FDA offers guidelines for hormone replacement therapy
The Food and Drug Administration launched a new campaign Tuesday to educate women about the potential risks of hormone replacement therapy, urging women who do opt for hormones to treat the symptoms of menopause to use the lowest dose possible and for the shortest amount of time. The campaign was designed at the urging of Congress to help educate women confused by news about the risks of long-term hormone use. Last year a major study said that long-term use of the hormones estrogen and progestin is more dangerous than once thought: The pills significantly increase a woman's risk of a heart attack or stroke beginning in the first year of use and increase the risk of breast cancer after four years of use. Other studies have also indicated that hormone replacement therapy carries significant risks for cardiovascular disease and certain types of cancer. But hormones are still widely prescribed to treat such menopause symptoms as hot flashes, night sweats, vaginal dryness, and osteoporosis.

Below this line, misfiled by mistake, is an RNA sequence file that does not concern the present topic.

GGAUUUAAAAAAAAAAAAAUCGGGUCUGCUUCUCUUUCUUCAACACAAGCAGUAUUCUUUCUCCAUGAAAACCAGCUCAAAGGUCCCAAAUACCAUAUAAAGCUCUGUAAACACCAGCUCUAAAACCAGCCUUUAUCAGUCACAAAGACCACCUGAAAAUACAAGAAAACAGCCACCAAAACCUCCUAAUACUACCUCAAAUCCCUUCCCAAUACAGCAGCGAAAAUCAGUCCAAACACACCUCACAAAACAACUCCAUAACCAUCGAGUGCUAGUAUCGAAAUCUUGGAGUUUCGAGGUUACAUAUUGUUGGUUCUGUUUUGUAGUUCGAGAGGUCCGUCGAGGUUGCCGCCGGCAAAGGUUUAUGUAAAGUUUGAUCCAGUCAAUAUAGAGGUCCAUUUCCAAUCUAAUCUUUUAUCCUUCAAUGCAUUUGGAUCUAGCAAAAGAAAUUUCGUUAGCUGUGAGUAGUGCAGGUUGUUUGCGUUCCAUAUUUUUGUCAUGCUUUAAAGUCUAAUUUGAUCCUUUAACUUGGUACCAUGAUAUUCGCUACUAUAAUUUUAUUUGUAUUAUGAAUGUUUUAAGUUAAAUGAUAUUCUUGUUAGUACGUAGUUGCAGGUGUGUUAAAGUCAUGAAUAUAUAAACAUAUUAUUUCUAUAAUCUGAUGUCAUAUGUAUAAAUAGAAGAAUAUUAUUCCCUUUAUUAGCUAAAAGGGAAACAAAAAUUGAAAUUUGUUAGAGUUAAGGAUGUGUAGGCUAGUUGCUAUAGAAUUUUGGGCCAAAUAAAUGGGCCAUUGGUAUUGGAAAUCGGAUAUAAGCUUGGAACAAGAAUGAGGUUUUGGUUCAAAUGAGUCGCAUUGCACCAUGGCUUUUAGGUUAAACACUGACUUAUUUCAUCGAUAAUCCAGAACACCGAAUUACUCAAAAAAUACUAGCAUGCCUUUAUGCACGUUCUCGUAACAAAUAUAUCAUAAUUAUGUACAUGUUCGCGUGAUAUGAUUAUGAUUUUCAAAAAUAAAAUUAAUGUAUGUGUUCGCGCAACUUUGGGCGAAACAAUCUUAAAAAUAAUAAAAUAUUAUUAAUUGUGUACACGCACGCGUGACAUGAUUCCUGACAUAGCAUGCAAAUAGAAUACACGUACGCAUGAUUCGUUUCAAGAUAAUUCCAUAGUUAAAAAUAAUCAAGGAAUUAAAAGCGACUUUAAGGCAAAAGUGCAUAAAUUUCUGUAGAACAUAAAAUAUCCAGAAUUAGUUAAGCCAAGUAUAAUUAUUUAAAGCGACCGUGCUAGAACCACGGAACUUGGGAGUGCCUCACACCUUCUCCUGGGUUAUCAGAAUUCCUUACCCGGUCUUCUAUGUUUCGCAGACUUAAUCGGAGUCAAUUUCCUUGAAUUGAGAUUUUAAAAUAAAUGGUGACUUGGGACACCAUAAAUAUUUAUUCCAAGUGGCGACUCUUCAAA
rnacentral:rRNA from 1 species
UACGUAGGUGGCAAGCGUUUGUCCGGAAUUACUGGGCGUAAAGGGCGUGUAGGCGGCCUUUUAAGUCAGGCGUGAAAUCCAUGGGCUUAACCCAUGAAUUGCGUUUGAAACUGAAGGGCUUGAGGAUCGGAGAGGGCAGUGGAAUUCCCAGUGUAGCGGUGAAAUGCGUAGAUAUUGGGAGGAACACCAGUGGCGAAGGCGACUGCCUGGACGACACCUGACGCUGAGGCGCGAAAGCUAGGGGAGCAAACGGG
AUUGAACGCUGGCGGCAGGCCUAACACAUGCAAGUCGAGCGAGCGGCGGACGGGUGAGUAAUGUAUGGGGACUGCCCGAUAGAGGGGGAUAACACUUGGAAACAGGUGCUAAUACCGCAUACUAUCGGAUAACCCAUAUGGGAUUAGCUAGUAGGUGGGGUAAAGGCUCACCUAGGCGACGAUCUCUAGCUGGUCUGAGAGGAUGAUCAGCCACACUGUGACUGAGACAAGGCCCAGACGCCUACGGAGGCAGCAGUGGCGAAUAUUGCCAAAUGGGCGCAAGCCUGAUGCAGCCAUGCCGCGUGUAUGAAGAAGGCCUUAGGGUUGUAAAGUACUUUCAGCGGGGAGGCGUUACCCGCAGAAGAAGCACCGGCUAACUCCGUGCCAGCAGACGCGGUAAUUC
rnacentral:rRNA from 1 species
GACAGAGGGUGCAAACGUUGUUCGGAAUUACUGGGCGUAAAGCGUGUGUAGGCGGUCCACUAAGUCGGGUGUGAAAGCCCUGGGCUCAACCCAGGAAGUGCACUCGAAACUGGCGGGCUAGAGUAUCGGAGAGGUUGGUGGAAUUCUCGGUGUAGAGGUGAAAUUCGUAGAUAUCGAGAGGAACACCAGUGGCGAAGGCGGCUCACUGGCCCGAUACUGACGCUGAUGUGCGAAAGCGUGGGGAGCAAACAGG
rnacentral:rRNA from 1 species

The FDA on Tuesday unveiled a new Web site, www.fda.gov/womens/menopause, that includes hormone information, including a pocket guide women can bring to the doctor's office to discuss treatment options. It explains how to weigh the risks and benefits of both the estrogen-progestin combination and estrogen alone, an option for only those women who have had hysterectomies. "Women who are armed with the appropriate key facts can take the right steps to make the highly personal decision about whether menopausal hormone therapy is the right choice for them," said FDA administrator Mark McClellan.